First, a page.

The California State Senate has once again failed to muster the 21 votes necessary to implement a statewide phase-out of single use plastic bags.
On a vote of 18-17, Senate Bill 405, by State Senator Alex Padilla, failed passage. And while that is 4 more votes than AB 1998 received in 2010, it remains below the 21 vote threshold needed for passage.
We are disappointed in this missed opportunity to dramatically reduce plastic pollution and waste in California, and save consumers hundreds of millions in one-time use bag costs.But regardless of the outcome of this legislation this year, the fate of the plastic grocery bag is sealed—the plastic grocery bag, which only came on the scene in the 1970’s, will be extinct in California before the end of this decade.
Every year when we bring this legislation forward, we have an opportunity to educate millions of consumers about the waste, hazards and costs posed by single use plastic bags. And the public is responding.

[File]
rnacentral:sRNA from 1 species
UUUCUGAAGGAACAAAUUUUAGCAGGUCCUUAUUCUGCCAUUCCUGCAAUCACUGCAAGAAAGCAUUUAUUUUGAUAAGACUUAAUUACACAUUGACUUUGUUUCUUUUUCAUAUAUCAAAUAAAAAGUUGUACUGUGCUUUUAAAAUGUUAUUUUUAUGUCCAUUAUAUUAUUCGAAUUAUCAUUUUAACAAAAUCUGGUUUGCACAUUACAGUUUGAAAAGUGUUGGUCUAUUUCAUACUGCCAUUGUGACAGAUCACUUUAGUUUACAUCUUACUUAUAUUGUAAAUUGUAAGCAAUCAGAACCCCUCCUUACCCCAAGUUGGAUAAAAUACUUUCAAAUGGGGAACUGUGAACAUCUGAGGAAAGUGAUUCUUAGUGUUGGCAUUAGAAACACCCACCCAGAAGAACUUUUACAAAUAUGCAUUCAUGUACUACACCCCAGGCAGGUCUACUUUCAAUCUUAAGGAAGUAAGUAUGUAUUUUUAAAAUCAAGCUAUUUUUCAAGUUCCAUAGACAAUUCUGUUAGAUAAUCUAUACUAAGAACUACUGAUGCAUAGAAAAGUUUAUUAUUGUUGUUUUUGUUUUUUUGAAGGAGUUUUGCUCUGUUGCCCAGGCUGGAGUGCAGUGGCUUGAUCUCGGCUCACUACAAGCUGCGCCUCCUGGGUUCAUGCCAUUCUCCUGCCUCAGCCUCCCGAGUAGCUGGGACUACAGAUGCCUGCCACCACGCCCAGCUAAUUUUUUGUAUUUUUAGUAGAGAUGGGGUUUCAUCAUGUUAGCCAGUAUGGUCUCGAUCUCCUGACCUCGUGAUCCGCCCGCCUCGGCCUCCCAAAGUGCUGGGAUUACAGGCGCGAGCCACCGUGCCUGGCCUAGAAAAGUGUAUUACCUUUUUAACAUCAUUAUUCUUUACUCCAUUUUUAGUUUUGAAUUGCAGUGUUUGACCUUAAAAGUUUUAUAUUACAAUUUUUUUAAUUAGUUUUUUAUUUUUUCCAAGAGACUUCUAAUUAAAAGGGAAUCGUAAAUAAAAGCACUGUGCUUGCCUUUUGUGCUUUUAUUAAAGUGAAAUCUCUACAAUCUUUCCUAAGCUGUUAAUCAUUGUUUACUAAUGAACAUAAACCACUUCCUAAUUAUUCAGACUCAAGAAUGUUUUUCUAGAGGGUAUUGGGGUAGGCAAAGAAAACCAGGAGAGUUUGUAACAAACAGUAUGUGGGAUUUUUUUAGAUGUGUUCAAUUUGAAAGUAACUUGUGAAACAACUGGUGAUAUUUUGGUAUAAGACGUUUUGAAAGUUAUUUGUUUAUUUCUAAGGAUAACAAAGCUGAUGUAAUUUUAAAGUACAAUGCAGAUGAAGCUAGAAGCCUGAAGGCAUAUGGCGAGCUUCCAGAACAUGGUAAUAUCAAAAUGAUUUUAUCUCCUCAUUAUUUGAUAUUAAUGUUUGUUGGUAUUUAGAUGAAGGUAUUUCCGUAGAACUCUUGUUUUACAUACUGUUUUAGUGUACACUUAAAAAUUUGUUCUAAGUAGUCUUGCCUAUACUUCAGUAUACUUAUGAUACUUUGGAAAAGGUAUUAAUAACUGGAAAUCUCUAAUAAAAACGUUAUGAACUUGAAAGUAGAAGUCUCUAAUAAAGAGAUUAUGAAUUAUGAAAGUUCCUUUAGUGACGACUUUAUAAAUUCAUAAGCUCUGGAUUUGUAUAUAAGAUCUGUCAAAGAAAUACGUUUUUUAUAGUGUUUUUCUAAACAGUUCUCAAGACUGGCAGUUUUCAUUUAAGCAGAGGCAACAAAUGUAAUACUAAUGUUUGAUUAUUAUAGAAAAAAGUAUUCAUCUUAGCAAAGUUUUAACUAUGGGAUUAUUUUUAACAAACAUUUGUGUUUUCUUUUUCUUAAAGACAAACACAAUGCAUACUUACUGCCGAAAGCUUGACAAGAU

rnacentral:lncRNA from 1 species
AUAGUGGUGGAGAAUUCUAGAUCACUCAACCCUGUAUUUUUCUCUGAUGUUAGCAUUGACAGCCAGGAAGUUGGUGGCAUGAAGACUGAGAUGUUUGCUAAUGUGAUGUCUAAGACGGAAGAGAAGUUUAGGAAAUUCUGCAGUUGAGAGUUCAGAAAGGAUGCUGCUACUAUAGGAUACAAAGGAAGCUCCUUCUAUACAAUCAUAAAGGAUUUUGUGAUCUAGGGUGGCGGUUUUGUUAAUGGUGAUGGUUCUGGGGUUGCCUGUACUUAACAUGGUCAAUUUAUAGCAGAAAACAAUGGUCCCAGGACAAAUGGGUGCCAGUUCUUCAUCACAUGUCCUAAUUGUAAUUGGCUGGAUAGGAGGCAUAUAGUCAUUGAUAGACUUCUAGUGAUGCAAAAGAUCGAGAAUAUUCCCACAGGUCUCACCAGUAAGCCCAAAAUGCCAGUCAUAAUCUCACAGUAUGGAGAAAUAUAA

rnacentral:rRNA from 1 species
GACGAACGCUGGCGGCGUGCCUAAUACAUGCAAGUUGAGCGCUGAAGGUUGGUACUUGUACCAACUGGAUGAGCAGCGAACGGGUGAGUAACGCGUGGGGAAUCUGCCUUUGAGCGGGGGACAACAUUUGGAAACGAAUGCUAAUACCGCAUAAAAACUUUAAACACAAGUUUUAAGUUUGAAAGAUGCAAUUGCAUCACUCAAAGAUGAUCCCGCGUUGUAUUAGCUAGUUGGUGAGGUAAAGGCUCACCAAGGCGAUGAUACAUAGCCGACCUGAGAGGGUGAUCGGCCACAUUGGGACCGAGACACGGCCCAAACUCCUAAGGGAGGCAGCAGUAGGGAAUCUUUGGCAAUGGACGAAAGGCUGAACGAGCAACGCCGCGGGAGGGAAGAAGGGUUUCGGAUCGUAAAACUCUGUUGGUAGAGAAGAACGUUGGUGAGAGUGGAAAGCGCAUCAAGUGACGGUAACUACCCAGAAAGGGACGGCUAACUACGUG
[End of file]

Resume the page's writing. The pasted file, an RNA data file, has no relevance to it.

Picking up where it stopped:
This year, we collected more than 14,000 signatures in support of phasing out plastic grocery bags. Consumers are voting with their feet, eschewing single use plastic bags in favor of durable, reusable bags and recycled paper. Across California, consumption of single use plastic grocery bags—which peaked in 2005, is going down, from more than 21 billion bags annually in 2005 to about 14 billion bags today.
Additionally, over the last 5 years, more than 75 California cities and counties have adopted ordinances banning single use plastic bags. The bans adopted to date are reducing California plastic generation by 3 billion bags, and ordinances currently under consideration have the potential to reduce plastic by another 2-3 billion bags annually.
So while Senate Bill 405 may be tabled for this year, the campaign to eliminate single use plastic packaging and waste will continue.